Which is Stronger: Asymmetric or Symmetric Keys?
Since asymmetric keys are bigger than symmetric keys, data that is encrypted asymmetrically is tougher to crack than data that is symmetrically encrypted. However, this does not mean that asymmetric keys are better. Rather than being compared by their size, these keys should be compared by the following properties: computational burden and ease of distribution.
Symmetric keys are smaller than asymmetric, so they require less computational burden. However, symmetric keys also have a major disadvantage—especially if you use them for securing data transfers. Because the same key is used for symmetric encryption and decryption, both you and the recipient need the key. If you can walk over and tell your recipient the key, this isn’t a huge deal. However, if you have to send the key to a user halfway around the world (a more likely scenario) you need to worry about data security. Asymmetric encryption doesn’t have this problem. As long as you keep your private key secret, no one can decrypt your messages. You can distribute the corresponding public key without worrying who gets it. Anyone who has the public key can encrypt data, but only the person with the private key can decrypt it.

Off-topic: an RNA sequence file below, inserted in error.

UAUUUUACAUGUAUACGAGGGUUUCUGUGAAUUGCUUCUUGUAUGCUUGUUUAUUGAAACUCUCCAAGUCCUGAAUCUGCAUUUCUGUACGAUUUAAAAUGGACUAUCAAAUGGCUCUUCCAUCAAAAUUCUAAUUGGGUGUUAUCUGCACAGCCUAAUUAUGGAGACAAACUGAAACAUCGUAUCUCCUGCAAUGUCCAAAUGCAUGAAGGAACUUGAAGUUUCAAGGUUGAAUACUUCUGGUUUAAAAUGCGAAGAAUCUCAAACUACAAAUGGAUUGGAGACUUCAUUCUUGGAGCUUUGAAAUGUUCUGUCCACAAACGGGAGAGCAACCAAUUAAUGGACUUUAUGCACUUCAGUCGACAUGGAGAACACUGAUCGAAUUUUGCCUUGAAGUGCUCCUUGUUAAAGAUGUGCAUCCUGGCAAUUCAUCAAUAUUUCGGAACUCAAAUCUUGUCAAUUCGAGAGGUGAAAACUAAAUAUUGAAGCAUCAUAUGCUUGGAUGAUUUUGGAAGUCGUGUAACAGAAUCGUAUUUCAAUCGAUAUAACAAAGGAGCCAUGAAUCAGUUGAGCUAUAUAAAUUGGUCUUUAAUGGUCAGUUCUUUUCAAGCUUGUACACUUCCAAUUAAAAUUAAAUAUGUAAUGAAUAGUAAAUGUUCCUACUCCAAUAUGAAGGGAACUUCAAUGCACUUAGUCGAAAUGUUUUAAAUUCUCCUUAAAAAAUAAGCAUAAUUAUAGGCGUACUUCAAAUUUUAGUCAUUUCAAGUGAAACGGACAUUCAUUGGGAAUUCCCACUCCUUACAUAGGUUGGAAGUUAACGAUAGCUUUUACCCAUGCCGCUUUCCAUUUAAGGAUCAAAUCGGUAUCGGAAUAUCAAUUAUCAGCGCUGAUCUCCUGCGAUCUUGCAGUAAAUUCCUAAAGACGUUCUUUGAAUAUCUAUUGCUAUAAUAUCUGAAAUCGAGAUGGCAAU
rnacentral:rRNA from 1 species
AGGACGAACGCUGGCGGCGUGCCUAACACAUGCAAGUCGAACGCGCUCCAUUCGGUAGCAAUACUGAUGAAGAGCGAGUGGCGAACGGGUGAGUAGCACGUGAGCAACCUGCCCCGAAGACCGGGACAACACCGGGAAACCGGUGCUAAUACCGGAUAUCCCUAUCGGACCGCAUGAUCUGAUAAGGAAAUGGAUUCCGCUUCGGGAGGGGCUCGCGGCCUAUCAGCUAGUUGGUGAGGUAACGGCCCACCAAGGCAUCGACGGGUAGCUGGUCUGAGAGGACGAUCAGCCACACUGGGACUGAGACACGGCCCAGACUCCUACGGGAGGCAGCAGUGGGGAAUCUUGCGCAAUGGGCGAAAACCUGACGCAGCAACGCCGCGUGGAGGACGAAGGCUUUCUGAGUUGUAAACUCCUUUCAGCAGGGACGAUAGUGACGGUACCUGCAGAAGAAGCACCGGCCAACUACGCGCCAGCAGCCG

How does TLS/SSL use both asymmetric and symmetric encryption?
Public Key Infrastructure (PKI) is the set of hardware, software, people, policies, and procedures that are needed to create, manage, distribute, use, store, and revoke digital certificates. PKI is also what binds keys with user identities by means of a Certificate Authority (CA). PKI uses a hybrid cryptosystem and benefits from using both types of encryptions. For example, in TLS/SSL communications, the server’s TLS certificate contains an asymmetric public and private key pair. The session key that the server and the browser create during the SSL Handshake is symmetric.